Help build their confidence and give them a sense of financial responsibility by having them live within their means.
5. Choose a charity and give. Once your child starts making a little bit of money, teach them the importance of helping others through charitable giving. Have them choose the charity. Giving can be in the form of money, food, clothes, or spending time with others.
6. Help your teen buy stock, not just brands. Teens may be more interested in brands than their parents, so introduce them to the idea of owning stock in a company they love.
Open an investment account so they can learn the ins and outs of owning stock at an early age. You can give your teen hands-on experience with investing by purchasing a fractional share of a company, a mutual fund or an exchange-traded fund for as little as $1.
“The secret to building wealth isn’t so secret — it’s investing,” Seitz said. “The longer investments are earning returns, the more money they can earn.”
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7. Encourage your teen to save and invest. Encourage teens to start flexing their savings muscles by working a summer job and setting up a savings account or a retirement account.
“Offer to match their savings as a parent or godparent, up to a certain percentage — much like most employers when it comes to defined contribution retirement plans,” said Deri Freeman, a certified financial planner at Prudential Financial in the Washington, D.C., area. “This will incentivize them to save for long-term goals and help them build the habit of saving early on.”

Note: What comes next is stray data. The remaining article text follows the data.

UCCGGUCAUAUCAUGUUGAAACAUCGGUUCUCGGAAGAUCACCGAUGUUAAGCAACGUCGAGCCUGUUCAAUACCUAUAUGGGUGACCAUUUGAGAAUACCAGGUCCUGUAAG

Just make sure they are putting money in cash savings for a “rainy day,” as well as investing their money, too.
One of the best places for a teen to put their earned income is a Roth individual retirement account, which offers tax-free savings. An adult has to open a custodial account for a minor. The adult controls the account until the child reaches the age of majority, when the young adult takes it over.
Adult children (ages 18 and over)
8. Create a budget. Go over their monthly expenses and income. Even if you are paying for most of their expenses, have them set a spending budget for incidentals.
Ensure they include saving as part of the bills they must cover. Starting the discipline now of saving a little bit of money will help to encourage that “rainy day” fund in the future.
9. Explain how taxes work. Once your child is old enough to get a job with a paycheck, they need to understand the impact of having taxes withheld from their pay. If you’re single with no dependents making a minimum wage of $15 an hour in New York City, your take-home pay is just about $13.69 an hour. Figure out the tax hit with an online calculator.
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Explain to your older teen or 20-something that they must fill out a W4 form to figure out how much tax to withhold from their paycheck. Also, remind them that if they are freelancing or a contractor and get a 1099 form, they’ll need to pay estimated taxes on their own, so they’ll need to save some of their pay just for that.
10. Help your young adult get a credit card and use it responsibly. In addition to getting a handle on earning, budgeting, spending, saving and investing, young adults need to understand borrowing or using credit and managing debt responsibly.
“Encourage them to open a credit card (maybe with a parent as a joint owner) and work on building their credit by paying off the balance each month,” Freeman said. “This will help them build a strong credit history for future financial endeavors.”